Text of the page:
Many of us modern women wish to follow in the footsteps of the hermits of old insofar as our lives are meant to center around God, we live a retired solitary life to the best degree possible, and we eschew most entertainments. This is another reason why the fake "hermit" of the 1700's is so ironic, because his life is completely about entertainment, though not for himself.  His sole function is to charm and entertain the guests of the lord of the manor and to act the part of a religious.

Carmelite nun in her hermitage cell

I am fascinated with other independent hermits and how they manage to maintain their tranquility in a life that is not supported by any structure or organization.  How do they remain other-worldly while staying very much in the world?  Any hermits out there who would like to respond, please do.  I would love to hear from you.

Carmelite nuns of the Byzantine Catholic Rite

While I would have loved to have become part of a contemplative order like the Carthusians, I came to the faith much too late to adjust my life path in that direction. Clearly, God intends that I travel alone with Him, otherwise He would have seen to it that I was introduced to Christianity much earlier, and my health would have been good enough to withstand the rigors of The Rule of Life that each order maintains.

Carthusian nun

The form that my monastic "schedule" takes is still under construction, so to speak.  I imagined a robust schedule of formal prayers, but I am unable to do them, since my disabilities continue to worsen over time. I pray to be cured of my illnesses to the extent necessary to enable me to sit through mass, but my prayers have left me wanting. Still, I remind myself that nothing happens in this world without God directly willing it or at least ALLOWING it. I remind myself constantly that I need to adjust my desires to those of the Lord, which is why the Vedantists say that it is best not to HAVE any desires to begin with, so that one will not be yearning or disappointed.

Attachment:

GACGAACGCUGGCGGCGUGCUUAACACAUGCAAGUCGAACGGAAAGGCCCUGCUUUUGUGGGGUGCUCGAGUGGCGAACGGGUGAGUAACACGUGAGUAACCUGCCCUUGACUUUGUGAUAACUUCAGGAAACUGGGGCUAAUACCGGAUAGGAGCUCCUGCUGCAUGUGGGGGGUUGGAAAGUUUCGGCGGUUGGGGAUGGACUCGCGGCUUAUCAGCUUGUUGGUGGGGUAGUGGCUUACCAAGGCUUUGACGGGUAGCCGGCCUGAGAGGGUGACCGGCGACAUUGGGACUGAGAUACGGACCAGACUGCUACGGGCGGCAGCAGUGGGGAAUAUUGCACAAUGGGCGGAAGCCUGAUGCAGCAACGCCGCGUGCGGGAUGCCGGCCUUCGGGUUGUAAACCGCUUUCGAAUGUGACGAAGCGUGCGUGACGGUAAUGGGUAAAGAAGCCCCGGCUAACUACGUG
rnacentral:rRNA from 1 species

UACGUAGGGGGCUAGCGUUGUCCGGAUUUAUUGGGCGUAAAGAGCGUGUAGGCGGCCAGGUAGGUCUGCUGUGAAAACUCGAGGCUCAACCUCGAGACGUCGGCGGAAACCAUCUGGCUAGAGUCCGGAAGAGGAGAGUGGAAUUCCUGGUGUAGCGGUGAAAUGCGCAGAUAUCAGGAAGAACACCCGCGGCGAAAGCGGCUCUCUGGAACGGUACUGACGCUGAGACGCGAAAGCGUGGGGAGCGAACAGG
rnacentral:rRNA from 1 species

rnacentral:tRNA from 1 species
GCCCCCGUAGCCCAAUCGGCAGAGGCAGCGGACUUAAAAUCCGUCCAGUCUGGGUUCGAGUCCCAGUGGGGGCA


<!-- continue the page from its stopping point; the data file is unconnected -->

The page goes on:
Rather than "desires," I rather think I have a greater number of inspirations. The Lord has gifted me with numerous creative talents, and I use these as instruments of prayer, to the best of my ability. Painting of religious subjects, writing, making crocheted works of art, and other artistic ventures give me a concentrated space of time in which to keep the hands busy while I pray. I used to give away a lot of these things, but I have become so poor that I now find I must try to sell them, if I can, in order to buy medical supplies and other things required for my health.

I hate having to labor for myself. I had wanted to be saintly and, like Saint Rose of Lima, make beautiful works of art for the sake of other people. The disabilities and the cost of addressing them, have put a monkey wrench into that desire. I am going blind and need three separate types of eyeglasses to accommodate my visual disabilities. I need walkers to deal with mobility problems and special food to prevent allergic and asthma attacks that could kill me. The list goes on and on. Frankly, it is infuriating. It is also the method by which the Lord is humbling me, so I must thank Him.

Living Room prayer corner

Bedroom prayer corner

Although I am unable to live according to my aspirations, my life is somewhat more austere than most American's lives. I don't smoke, drink or take drugs. My entertainments are few. I haven't gone to a movie theater in more than 20 years. I do not travel. I do not eat in restaurants, except for the rare occasion when a friend will treat me. I don't attend parties. I don't play video games. Obviously, I do not date and have not done so for more than 20 years, having given up romance when I gave myself to the Lord.